One trap I see companies fall into when looking at opt-in and permission is they seem to think that permission is a blanket thing. They believe permission can be bought and sold by the companies that collected email addresses.
Legally, they may be correct. But in practice senders cannot decide that they can sell the permission of their recipients to another entity. As Al said today, you cannot buy an existing business relationship. When commenting on that post over on twitter, Evan Burke had a series of very insightful tweets on the issue.
- Al’s spot on as usual… Despite what your fine print may say, recipients grant their consent to a *single company*.
- And consent, in the mind of the recipient, is often narrower still – commonly being given to just a single brand, or even a single product.
- Consent to receive email, as defined legally, is often substantially different than how your recipients would define it.
- (cont’d) And if your recipients don’t think they gave you consent, you’re going to run into filtering and blocking issues.
Evan is exactly right.
Coincidentally, I had a potential client call me this morning to discuss the delivery problems they were having with a list. At the end of the call he also mentioned that they had a list of 7 million addresses that had been sitting around and they wanted to incorporate it into their list. I was open minded about the chances to recover the list, until he dropped that the list was 10 years old. I have to admit, I probably was not the cheery, positive, put a friendly face for the potential client consultant in responding to that.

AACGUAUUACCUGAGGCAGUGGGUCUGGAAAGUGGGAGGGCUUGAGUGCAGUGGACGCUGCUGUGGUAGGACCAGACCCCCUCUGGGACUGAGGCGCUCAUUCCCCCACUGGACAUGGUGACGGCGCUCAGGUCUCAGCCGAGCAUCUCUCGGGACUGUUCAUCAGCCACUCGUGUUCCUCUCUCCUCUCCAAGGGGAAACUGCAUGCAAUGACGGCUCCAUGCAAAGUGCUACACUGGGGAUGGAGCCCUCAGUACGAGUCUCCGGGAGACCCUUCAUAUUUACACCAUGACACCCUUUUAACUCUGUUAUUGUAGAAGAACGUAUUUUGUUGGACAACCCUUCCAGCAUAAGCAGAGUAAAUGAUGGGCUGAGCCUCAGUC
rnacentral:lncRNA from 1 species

But, really, there’s no way someone who opted in 10 years ago is going to remember they opted in to receive mail from whatever list has been found.
One thing that senders, list sellers and lawyers have to remember is that recipients are the final arbiters of permission. They know what they agreed to and if they don’t think this list, or this brand, or this sender has permission they will respond with spam complaints. The result is decreasing reputation for the sender followed by increasing delivery problems. Just because the sender thinks they have permission doesn’t mean the recipients agree with them.